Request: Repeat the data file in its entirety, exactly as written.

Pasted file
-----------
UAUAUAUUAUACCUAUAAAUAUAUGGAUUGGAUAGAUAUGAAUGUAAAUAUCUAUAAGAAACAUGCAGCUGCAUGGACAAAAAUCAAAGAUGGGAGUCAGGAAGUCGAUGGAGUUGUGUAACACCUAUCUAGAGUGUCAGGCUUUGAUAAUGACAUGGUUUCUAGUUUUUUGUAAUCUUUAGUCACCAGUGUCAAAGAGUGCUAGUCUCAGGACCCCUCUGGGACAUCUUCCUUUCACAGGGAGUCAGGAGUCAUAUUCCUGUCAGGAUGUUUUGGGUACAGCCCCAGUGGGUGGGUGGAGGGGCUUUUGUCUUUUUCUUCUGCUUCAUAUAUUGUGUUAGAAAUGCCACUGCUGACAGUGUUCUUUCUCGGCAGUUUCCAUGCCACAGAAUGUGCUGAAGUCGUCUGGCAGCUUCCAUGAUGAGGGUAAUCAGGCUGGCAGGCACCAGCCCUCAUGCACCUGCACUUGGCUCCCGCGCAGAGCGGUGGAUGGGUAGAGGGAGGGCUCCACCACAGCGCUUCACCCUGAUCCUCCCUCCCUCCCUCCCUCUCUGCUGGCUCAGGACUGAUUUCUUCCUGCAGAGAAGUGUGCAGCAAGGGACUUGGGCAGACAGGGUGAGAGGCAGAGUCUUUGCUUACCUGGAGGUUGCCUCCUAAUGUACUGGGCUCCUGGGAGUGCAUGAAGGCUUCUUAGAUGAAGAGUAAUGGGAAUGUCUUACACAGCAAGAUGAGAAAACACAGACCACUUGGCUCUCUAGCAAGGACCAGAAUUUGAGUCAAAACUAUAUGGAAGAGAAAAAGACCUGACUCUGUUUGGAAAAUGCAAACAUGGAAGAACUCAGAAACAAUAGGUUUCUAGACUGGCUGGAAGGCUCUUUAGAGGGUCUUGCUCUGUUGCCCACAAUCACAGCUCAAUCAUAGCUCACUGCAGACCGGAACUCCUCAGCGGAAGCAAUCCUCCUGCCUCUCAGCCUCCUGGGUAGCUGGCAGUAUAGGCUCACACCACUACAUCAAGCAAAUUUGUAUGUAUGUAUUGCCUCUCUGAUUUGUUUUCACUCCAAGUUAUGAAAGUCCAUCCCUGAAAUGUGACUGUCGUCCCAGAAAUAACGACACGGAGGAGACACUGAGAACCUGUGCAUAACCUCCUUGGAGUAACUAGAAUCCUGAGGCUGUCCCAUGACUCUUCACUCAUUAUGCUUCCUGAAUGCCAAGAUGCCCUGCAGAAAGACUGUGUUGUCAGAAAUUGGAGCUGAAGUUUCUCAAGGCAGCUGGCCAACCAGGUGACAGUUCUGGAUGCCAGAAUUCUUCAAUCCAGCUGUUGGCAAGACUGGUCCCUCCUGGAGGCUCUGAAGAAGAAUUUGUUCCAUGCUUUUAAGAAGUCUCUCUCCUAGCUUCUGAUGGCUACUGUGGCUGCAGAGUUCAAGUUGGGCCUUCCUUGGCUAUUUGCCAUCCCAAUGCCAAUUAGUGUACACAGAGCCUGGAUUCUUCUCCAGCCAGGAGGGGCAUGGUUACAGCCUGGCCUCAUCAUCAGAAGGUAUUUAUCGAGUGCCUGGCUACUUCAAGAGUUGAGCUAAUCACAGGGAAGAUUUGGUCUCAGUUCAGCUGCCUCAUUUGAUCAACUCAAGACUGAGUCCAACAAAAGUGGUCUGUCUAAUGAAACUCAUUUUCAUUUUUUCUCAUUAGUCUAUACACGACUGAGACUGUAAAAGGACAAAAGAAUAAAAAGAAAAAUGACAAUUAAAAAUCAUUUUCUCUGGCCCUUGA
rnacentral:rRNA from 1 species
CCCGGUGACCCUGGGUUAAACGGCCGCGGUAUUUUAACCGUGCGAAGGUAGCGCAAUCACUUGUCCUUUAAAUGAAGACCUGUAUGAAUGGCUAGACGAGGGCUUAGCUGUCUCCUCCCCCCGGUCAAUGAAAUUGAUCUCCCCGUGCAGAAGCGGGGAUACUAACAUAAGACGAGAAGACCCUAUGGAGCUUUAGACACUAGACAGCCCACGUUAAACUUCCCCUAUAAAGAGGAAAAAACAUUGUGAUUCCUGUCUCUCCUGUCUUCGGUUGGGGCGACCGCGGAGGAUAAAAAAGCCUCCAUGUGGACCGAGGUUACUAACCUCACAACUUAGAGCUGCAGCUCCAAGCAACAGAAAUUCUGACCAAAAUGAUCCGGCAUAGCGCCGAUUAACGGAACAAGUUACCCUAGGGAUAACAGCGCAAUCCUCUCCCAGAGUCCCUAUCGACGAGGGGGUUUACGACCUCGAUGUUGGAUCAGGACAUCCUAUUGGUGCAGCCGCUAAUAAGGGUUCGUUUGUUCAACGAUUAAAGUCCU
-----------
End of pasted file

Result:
UAUAUAUUAUACCUAUAAAUAUAUGGAUUGGAUAGAUAUGAAUGUAAAUAUCUAUAAGAAACAUGCAGCUGCAUGGACAAAAAUCAAAGAUGGGAGUCAGGAAGUCGAUGGAGUUGUGUAACACCUAUCUAGAGUGUCAGGCUUUGAUAAUGACAUGGUUUCUAGUUUUUUGUAAUCUUUAGUCACCAGUGUCAAAGAGUGCUAGUCUCAGGACCCCUCUGGGACAUCUUCCUUUCACAGGGAGUCAGGAGUCAUAUUCCUGUCAGGAUGUUUUGGGUACAGCCCCAGUGGGUGGGUGGAGGGGCUUUUGUCUUUUUCUUCUGCUUCAUAUAUUGUGUUAGAAAUGCCACUGCUGACAGUGUUCUUUCUCGGCAGUUUCCAUGCCACAGAAUGUGCUGAAGUCGUCUGGCAGCUUCCAUGAUGAGGGUAAUCAGGCUGGCAGGCACCAGCCCUCAUGCACCUGCACUUGGCUCCCGCGCAGAGCGGUGGAUGGGUAGAGGGAGGGCUCCACCACAGCGCUUCACCCUGAUCCUCCCUCCCUCCCUCCCUCUCUGCUGGCUCAGGACUGAUUUCUUCCUGCAGAGAAGUGUGCAGCAAGGGACUUGGGCAGACAGGGUGAGAGGCAGAGUCUUUGCUUACCUGGAGGUUGCCUCCUAAUGUACUGGGCUCCUGGGAGUGCAUGAAGGCUUCUUAGAUGAAGAGUAAUGGGAAUGUCUUACACAGCAAGAUGAGAAAACACAGACCACUUGGCUCUCUAGCAAGGACCAGAAUUUGAGUCAAAACUAUAUGGAAGAGAAAAAGACCUGACUCUGUUUGGAAAAUGCAAACAUGGAAGAACUCAGAAACAAUAGGUUUCUAGACUGGCUGGAAGGCUCUUUAGAGGGUCUUGCUCUGUUGCCCACAAUCACAGCUCAAUCAUAGCUCACUGCAGACCGGAACUCCUCAGCGGAAGCAAUCCUCCUGCCUCUCAGCCUCCUGGGUAGCUGGCAGUAUAGGCUCACACCACUACAUCAAGCAAAUUUGUAUGUAUGUAUUGCCUCUCUGAUUUGUUUUCACUCCAAGUUAUGAAAGUCCAUCCCUGAAAUGUGACUGUCGUCCCAGAAAUAACGACACGGAGGAGACACUGAGAACCUGUGCAUAACCUCCUUGGAGUAACUAGAAUCCUGAGGCUGUCCCAUGACUCUUCACUCAUUAUGCUUCCUGAAUGCCAAGAUGCCCUGCAGAAAGACUGUGUUGUCAGAAAUUGGAGCUGAAGUUUCUCAAGGCAGCUGGCCAACCAGGUGACAGUUCUGGAUGCCAGAAUUCUUCAAUCCAGCUGUUGGCAAGACUGGUCCCUCCUGGAGGCUCUGAAGAAGAAUUUGUUCCAUGCUUUUAAGAAGUCUCUCUCCUAGCUUCUGAUGGCUACUGUGGCUGCAGAGUUCAAGUUGGGCCUUCCUUGGCUAUUUGCCAUCCCAAUGCCAAUUAGUGUACACAGAGCCUGGAUUCUUCUCCAGCCAGGAGGGGCAUGGUUACAGCCUGGCCUCAUCAUCAGAAGGUAUUUAUCGAGUGCCUGGCUACUUCAAGAGUUGAGCUAAUCACAGGGAAGAUUUGGUCUCAGUUCAGCUGCCUCAUUUGAUCAACUCAAGACUGAGUCCAACAAAAGUGGUCUGUCUAAUGAAACUCAUUUUCAUUUUUUCUCAUUAGUCUAUACACGACUGAGACUGUAAAAGGACAAAAGAAUAAAAAGAAAAAUGACAAUUAAAAAUCAUUUUCUCUGGCCCUUGA
rnacentral:rRNA from 1 species
CCCGGUGACCCUGGGUUAAACGGCCGCGGUAUUUUAACCGUGCGAAGGUAGCGCAAUCACUUGUCCUUUAAAUGAAGACCUGUAUGAAUGGCUAGACGAGGGCUUAGCUGUCUCCUCCCCCCGGUCAAUGAAAUUGAUCUCCCCGUGCAGAAGCGGGGAUACUAACAUAAGACGAGAAGACCCUAUGGAGCUUUAGACACUAGACAGCCCACGUUAAACUUCCCCUAUAAAGAGGAAAAAACAUUGUGAUUCCUGUCUCUCCUGUCUUCGGUUGGGGCGACCGCGGAGGAUAAAAAAGCCUCCAUGUGGACCGAGGUUACUAACCUCACAACUUAGAGCUGCAGCUCCAAGCAACAGAAAUUCUGACCAAAAUGAUCCGGCAUAGCGCCGAUUAACGGAACAAGUUACCCUAGGGAUAACAGCGCAAUCCUCUCCCAGAGUCCCUAUCGACGAGGGGGUUUACGACCUCGAUGUUGGAUCAGGACAUCCUAUUGGUGCAGCCGCUAAUAAGGGUUCGUUUGUUCAACGAUUAAAGUCCU